Learn More about This Dialogue

Why is this dialogue taking place?

Today using the Internet is a key part of getting and keeping many jobs. Many job openings are posted only online. Employers are using social media to find job candidates, and job seekers are networking online.

Once hired, employees often find that using the Internet is part of their job. Companies use online tools for timesheets, virtual meetings, and online trainings. So in order to keep a job or get promoted, many employees must be able to use a computer and the Internet.

There are accessibility standards for websites and online tools to make sure that people with physical and/or sensory disabilities can use them. However, the same does not exist for people with intellectual disabilities. As a result, there are barriers preventing people from finding jobs, performing their jobs well or advancing in their chosen careers.

Coordinated by the U.S. Department of Labor's Office of Disability Employment Policy (ODEP), this online event is co-hosted by the Partnership on Employment and Accessible Technology (PEAT) and the Autistic Self Advocacy Network (ASAN). This dialogue is happening because we want to find out what problems people with disabilities have using the Internet to find and do their jobs, and how we can make this better.

Why participate?

Lots of people use the Internet to find jobs, but sometimes this can be confusing or hard for people with disabilities. This might mean that people with disabilities can’t find good jobs. Lots of jobs also require workers to use the internet. We want to hear from you about what using the internet to find or do a job is like for you, what makes it hard, and what could make it easier. We will use this information to make recommendations about making online tools accessible for people with intellectual disabilities who want jobs or are using the internet to work.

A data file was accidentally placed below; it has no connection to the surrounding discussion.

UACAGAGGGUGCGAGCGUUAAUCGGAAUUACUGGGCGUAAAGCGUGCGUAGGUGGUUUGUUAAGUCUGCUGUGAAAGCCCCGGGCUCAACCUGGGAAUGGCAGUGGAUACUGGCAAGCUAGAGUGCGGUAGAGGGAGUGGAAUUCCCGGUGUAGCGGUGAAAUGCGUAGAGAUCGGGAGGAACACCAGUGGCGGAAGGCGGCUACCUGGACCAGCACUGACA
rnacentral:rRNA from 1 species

Who should participate?

This online event is open to the general public and to anyone interested in participating. We strongly encourage people with disabilities, especially intellectual disabilities, developmental disabilities, autism, or cognitive disabilities, to participate. People who support people with disabilities in finding jobs or who work on employment programs for people with disabilities should also participate, as well as people who are interested in intellectual disabilities or support individuals with intellectual disabilities.